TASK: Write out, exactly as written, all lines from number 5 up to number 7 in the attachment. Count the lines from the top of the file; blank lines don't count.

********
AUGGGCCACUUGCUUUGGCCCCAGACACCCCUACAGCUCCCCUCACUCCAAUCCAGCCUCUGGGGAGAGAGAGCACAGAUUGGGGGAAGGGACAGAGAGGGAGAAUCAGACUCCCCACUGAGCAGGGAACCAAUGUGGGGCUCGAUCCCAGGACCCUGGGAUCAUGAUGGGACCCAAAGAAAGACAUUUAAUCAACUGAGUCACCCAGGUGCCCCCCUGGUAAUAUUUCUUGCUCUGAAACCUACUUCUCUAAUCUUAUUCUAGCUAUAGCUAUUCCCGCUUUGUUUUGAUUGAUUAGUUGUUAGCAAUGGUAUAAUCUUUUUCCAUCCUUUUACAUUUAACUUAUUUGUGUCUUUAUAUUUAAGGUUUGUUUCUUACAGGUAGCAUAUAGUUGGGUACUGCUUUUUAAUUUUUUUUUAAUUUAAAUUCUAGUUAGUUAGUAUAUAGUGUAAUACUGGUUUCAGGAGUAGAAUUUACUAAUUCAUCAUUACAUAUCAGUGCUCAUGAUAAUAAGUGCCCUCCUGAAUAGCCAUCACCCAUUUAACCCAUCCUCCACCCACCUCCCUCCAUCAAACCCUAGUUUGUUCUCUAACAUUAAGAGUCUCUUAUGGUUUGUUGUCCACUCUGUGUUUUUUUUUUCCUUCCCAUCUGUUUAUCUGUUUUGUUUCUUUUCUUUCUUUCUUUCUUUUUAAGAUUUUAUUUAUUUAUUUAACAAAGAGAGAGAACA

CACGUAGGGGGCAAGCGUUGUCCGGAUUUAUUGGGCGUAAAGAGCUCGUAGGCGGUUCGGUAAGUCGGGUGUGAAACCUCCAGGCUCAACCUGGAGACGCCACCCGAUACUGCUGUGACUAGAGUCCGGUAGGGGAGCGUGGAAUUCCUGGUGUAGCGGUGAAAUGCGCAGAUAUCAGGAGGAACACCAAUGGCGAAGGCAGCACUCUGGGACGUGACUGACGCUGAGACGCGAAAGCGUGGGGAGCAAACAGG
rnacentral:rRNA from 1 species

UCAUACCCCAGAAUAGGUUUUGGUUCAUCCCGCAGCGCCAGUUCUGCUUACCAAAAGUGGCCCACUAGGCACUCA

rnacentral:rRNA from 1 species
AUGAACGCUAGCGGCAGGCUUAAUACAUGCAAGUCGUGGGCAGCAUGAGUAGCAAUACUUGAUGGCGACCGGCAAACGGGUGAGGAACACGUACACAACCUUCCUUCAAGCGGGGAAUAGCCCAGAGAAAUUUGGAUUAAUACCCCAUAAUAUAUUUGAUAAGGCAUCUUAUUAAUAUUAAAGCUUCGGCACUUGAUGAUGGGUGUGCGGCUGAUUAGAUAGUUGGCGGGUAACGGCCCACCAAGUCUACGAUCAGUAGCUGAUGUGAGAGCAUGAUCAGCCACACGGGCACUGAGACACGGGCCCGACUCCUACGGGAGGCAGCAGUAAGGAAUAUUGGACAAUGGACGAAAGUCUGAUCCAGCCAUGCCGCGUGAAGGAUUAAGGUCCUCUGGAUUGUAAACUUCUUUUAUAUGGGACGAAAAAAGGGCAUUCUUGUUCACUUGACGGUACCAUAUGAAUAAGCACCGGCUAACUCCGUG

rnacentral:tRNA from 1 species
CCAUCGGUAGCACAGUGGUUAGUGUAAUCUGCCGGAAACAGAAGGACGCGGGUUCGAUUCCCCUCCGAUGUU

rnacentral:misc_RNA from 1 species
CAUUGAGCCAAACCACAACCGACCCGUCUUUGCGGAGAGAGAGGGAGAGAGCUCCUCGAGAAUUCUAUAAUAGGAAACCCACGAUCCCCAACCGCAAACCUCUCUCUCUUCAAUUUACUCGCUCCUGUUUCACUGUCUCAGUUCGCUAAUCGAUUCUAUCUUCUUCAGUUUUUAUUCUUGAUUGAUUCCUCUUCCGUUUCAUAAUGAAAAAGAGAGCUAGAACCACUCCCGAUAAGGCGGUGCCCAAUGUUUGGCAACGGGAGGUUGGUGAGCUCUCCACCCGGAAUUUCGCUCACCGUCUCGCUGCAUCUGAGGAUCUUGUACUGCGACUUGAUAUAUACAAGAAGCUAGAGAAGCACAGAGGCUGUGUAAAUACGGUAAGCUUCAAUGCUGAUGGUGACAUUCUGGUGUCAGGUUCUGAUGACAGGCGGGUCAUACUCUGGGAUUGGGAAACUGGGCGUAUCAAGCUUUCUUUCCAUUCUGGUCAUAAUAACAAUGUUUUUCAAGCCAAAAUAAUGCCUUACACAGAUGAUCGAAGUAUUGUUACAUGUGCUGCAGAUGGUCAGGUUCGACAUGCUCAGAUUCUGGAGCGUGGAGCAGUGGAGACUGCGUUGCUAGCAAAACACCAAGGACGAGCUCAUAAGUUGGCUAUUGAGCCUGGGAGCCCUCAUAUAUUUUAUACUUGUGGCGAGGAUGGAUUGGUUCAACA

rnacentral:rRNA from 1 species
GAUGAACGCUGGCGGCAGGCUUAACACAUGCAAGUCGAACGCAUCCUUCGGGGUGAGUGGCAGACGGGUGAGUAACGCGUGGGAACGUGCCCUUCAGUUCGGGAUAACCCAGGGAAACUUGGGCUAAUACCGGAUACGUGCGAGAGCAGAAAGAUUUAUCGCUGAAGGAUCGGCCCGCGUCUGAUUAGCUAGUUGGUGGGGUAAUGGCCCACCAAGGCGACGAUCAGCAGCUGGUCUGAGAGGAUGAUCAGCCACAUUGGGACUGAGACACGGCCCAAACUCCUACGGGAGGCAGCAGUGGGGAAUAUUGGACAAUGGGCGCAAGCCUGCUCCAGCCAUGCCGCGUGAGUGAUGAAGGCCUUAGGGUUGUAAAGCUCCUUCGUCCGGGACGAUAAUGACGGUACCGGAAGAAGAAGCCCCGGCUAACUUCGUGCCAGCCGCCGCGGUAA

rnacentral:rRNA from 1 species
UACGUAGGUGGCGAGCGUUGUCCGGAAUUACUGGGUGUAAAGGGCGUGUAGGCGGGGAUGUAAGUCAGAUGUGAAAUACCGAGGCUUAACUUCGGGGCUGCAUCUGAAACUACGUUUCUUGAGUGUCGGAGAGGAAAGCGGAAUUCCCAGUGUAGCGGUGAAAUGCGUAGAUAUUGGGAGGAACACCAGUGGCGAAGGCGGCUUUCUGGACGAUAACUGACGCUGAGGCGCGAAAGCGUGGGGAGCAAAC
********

rnacentral:rRNA from 1 species
AUGAACGCUAGCGGCAGGCUUAAUACAUGCAAGUCGUGGGCAGCAUGAGUAGCAAUACUUGAUGGCGACCGGCAAACGGGUGAGGAACACGUACACAACCUUCCUUCAAGCGGGGAAUAGCCCAGAGAAAUUUGGAUUAAUACCCCAUAAUAUAUUUGAUAAGGCAUCUUAUUAAUAUUAAAGCUUCGGCACUUGAUGAUGGGUGUGCGGCUGAUUAGAUAGUUGGCGGGUAACGGCCCACCAAGUCUACGAUCAGUAGCUGAUGUGAGAGCAUGAUCAGCCACACGGGCACUGAGACACGGGCCCGACUCCUACGGGAGGCAGCAGUAAGGAAUAUUGGACAAUGGACGAAAGUCUGAUCCAGCCAUGCCGCGUGAAGGAUUAAGGUCCUCUGGAUUGUAAACUUCUUUUAUAUGGGACGAAAAAAGGGCAUUCUUGUUCACUUGACGGUACCAUAUGAAUAAGCACCGGCUAACUCCGUG

rnacentral:tRNA from 1 species